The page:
In this May 16, 2018, photo, Environmental Protection Agency Administrator Scott Pruitt appears before a Senate Appropriations subcommittee on the Interior, Environment, and Related Agencies on budget on Capitol Hill in Washington. Pruitt claimed credit for pollution cleanups done mostly by the Obama administration while flubbing facts about his 2017 condo deal and blaming underlings for his ethical woes. (AP Photo/Andrew Harnik)
Andrew Harnik/AP
In this May 16, 2018, photo, Environmental Protection Agency Administrator Scott Pruitt appears before a Senate Appropriations subcommittee on the Interior, Environment, and Related Agencies on budget on Capitol Hill in Washington. Pruitt claimed credit for pollution cleanups done mostly by the Obama administration while flubbing facts about his 2017 condo deal and blaming underlings for his ethical woes. (AP Photo/Andrew Harnik)
Now playing
02:11
WaPo: Pruitt enlisted aide to get wife a job
Now playing
01:14
Pruitt interrupted by protester holding lotion
WASHINGTON, DC - MAY 16:  EPA Administrator Scott Pruitt, testifies during a Senate Appropriations Subcommittee hearing on Capitol Hill, May 16, 2018 in Washington, DC. The Subcommittee is hearing testimony on the proposed budget estimates for FY2019 for the Environmental Protection Agency.  (Photo by Mark Wilson/Getty Images)
Mark Wilson/Getty Images North America/Getty Images
WASHINGTON, DC - MAY 16: EPA Administrator Scott Pruitt, testifies during a Senate Appropriations Subcommittee hearing on Capitol Hill, May 16, 2018 in Washington, DC. The Subcommittee is hearing testimony on the proposed budget estimates for FY2019 for the Environmental Protection Agency. (Photo by Mark Wilson/Getty Images)
Now playing
02:43
Dems ask FBI to investigate Scott Pruitt
Environmental Protection Agency (EPA) Administrator Scott Pruitt testifies about the fiscal year 2018 budget during a Senate Appropriations Subcommittee on Interior, Environment, and Related Agencies hearing on Capitol Hill in Washington, DC, June 27, 2017. / AFP PHOTO / SAUL LOEB        (Photo credit should read SAUL LOEB/AFP/Getty Images)
SAUL LOEB/AFP/Getty Images
Environmental Protection Agency (EPA) Administrator Scott Pruitt testifies about the fiscal year 2018 budget during a Senate Appropriations Subcommittee on Interior, Environment, and Related Agencies hearing on Capitol Hill in Washington, DC, June 27, 2017. / AFP PHOTO / SAUL LOEB (Photo credit should read SAUL LOEB/AFP/Getty Images)
Now playing
01:23
WaPo: Pruitt used EPA aide to help wife
WASHINGTON, DC - DECEMBER 7:  Environmental Protection Agency Administrator Scott Pruitt testifies before the House Energy and Commerce Committee about the mission of the U.S. Environmental Protection Agency on December 7, 2017 in Washington, DC.  (Photo by Pete Marovich/Getty Images)
Pete Marovich/Getty Images/FILE
WASHINGTON, DC - DECEMBER 7: Environmental Protection Agency Administrator Scott Pruitt testifies before the House Energy and Commerce Committee about the mission of the U.S. Environmental Protection Agency on December 7, 2017 in Washington, DC. (Photo by Pete Marovich/Getty Images)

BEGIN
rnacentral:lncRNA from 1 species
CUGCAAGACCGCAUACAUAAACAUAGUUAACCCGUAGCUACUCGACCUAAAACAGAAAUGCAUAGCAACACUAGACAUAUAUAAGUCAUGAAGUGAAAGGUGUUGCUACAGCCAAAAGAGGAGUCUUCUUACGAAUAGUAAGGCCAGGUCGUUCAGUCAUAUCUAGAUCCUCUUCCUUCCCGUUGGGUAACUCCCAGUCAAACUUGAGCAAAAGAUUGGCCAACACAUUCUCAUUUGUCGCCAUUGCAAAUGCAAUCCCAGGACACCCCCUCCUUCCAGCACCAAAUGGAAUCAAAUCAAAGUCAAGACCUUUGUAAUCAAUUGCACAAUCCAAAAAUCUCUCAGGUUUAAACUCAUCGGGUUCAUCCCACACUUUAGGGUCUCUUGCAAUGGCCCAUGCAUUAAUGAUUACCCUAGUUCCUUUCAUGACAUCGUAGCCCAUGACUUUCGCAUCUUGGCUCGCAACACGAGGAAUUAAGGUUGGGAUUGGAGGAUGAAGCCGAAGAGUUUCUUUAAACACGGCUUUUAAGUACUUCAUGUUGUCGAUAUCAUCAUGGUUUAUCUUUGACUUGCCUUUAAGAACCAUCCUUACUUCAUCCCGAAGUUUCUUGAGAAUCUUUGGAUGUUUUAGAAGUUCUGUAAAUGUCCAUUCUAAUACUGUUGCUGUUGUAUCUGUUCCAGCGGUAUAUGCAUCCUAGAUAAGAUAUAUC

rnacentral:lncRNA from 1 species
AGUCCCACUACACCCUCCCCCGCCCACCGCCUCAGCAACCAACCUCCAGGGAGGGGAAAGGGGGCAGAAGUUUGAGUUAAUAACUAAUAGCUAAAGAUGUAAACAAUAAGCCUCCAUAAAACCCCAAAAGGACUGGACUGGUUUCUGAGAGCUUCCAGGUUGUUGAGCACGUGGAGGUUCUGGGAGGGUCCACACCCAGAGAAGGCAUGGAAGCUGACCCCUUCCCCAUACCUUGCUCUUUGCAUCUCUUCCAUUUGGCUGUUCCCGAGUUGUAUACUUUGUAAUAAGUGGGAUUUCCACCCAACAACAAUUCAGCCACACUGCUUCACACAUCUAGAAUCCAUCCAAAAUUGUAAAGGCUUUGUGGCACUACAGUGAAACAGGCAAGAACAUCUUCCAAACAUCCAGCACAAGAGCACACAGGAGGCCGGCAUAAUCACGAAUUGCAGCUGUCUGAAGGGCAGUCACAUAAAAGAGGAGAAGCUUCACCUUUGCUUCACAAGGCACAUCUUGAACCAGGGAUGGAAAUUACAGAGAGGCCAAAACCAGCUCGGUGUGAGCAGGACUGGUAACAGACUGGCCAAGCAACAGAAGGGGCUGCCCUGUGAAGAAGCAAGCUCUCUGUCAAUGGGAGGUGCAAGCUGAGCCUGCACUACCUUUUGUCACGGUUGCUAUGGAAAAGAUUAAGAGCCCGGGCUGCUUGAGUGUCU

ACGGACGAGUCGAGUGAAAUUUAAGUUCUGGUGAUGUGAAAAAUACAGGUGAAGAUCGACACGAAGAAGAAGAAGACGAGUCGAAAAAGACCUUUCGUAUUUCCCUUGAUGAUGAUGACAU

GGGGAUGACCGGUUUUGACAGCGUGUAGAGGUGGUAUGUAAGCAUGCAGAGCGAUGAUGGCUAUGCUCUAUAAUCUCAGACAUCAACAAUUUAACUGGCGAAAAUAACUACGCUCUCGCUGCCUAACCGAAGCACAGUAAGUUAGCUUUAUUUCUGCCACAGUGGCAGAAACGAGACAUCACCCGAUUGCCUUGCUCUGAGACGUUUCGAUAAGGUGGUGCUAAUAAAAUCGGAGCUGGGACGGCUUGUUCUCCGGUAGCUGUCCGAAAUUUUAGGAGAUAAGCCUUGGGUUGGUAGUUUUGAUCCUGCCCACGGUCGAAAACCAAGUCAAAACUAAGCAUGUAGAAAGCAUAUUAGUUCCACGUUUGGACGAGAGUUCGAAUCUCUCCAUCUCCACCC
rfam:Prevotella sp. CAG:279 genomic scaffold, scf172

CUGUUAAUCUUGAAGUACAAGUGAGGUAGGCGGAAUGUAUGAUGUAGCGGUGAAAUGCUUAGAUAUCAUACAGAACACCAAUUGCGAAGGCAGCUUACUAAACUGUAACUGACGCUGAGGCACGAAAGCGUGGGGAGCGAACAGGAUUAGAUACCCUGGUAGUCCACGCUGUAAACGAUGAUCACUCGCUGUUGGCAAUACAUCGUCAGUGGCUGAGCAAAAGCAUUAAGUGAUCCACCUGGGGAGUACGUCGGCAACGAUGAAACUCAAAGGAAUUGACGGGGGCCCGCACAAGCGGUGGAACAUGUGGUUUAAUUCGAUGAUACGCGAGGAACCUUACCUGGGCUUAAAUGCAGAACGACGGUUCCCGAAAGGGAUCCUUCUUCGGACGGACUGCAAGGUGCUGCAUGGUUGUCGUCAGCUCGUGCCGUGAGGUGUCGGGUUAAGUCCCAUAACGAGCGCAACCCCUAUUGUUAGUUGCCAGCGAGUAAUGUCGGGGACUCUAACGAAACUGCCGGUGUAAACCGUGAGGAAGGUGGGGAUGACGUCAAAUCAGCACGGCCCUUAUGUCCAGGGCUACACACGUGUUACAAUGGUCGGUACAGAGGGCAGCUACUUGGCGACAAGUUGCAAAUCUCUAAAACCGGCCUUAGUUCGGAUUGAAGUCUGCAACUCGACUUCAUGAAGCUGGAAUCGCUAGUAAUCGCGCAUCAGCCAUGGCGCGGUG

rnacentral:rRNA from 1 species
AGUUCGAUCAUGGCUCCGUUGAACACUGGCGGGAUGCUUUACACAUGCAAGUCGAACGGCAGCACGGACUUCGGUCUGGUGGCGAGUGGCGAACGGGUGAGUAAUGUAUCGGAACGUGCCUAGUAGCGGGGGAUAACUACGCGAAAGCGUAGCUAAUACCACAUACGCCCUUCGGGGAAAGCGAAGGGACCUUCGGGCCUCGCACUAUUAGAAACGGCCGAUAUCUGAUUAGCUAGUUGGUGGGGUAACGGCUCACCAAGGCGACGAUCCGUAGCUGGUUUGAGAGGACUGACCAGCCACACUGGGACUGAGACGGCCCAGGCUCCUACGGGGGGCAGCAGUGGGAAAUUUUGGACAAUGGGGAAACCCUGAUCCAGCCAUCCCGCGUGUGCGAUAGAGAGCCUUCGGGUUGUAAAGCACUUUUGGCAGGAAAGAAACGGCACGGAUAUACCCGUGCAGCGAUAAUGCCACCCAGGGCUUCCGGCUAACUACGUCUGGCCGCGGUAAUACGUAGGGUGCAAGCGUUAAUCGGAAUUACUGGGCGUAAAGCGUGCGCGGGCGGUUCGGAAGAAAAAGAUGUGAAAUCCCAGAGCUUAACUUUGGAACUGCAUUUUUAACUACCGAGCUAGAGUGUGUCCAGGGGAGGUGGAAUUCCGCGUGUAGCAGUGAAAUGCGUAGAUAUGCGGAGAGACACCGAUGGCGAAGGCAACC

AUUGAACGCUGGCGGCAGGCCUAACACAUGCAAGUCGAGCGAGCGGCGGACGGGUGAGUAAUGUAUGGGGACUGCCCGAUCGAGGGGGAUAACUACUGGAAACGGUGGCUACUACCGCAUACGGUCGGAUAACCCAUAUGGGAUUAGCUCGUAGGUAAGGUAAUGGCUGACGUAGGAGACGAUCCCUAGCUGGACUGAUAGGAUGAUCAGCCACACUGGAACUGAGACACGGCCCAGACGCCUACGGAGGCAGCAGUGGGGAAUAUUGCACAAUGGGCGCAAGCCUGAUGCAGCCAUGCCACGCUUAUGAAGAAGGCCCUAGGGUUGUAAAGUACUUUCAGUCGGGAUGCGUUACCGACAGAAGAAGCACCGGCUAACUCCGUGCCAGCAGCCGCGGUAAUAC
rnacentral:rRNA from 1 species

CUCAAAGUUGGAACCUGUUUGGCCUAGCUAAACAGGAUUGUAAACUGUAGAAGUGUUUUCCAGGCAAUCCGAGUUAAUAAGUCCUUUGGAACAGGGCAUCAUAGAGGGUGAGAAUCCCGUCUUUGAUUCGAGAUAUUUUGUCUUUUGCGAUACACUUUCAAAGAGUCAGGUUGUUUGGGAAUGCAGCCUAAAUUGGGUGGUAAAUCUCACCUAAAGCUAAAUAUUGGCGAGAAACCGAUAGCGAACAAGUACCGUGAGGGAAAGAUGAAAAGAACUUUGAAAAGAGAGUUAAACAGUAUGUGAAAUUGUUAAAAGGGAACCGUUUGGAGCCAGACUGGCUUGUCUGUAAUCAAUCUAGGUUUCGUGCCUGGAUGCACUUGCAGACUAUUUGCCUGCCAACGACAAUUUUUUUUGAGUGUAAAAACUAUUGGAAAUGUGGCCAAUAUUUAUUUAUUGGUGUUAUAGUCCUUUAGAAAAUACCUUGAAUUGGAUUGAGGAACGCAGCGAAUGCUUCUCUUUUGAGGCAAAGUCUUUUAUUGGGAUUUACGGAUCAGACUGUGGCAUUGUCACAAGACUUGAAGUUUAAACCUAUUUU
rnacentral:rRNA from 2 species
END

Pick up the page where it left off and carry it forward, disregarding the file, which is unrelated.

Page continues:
Now playing
02:06
EPA spent nearly $3.5M on security for Pruitt
EPA Administrator Scott Pruitt testifies before the House Appropriations Committee during a hearing on the 2019 Fiscal Year EPA budget at the Capitol on April 26, 2018 in Washington, DC. (Alex Edelman/Getty Images)
Alex Edelman/Getty Images
EPA Administrator Scott Pruitt testifies before the House Appropriations Committee during a hearing on the 2019 Fiscal Year EPA budget at the Capitol on April 26, 2018 in Washington, DC. (Alex Edelman/Getty Images)
Now playing
01:52
Aide sought used Trump hotel mattress for Pruitt
WASHINGTON, DC - JANUARY 18: Oklahoma Attorney General Scott Pruitt, President-elect Donald Trump's choice to head the Environmental Protection Agency, testifies during his confirmation hearing before the Senate Committee on Environment and Public Works on Capitol Hill January 18, 2017 in Washington, DC. Pruitt is expected to face tough questioning about his stance on climate change and ties to the oil and gas industry.   (Photo by Aaron P. Bernstein/Getty Images)
Aaron P. Bernstein/Getty Images
WASHINGTON, DC - JANUARY 18: Oklahoma Attorney General Scott Pruitt, President-elect Donald Trump's choice to head the Environmental Protection Agency, testifies during his confirmation hearing before the Senate Committee on Environment and Public Works on Capitol Hill January 18, 2017 in Washington, DC. Pruitt is expected to face tough questioning about his stance on climate change and ties to the oil and gas industry. (Photo by Aaron P. Bernstein/Getty Images)
Now playing
02:40
Pruitt target of at least 11 federal probes
 Environmental Protection Agency Administrator Scott Pruitt testifies before the House Energy and Commerce Committee's Environment Subcommittee in the Rayburn House Office Building on Capitol Hill April 26, 2018 in Washington, DC. (Chip Somodevilla/Getty Images)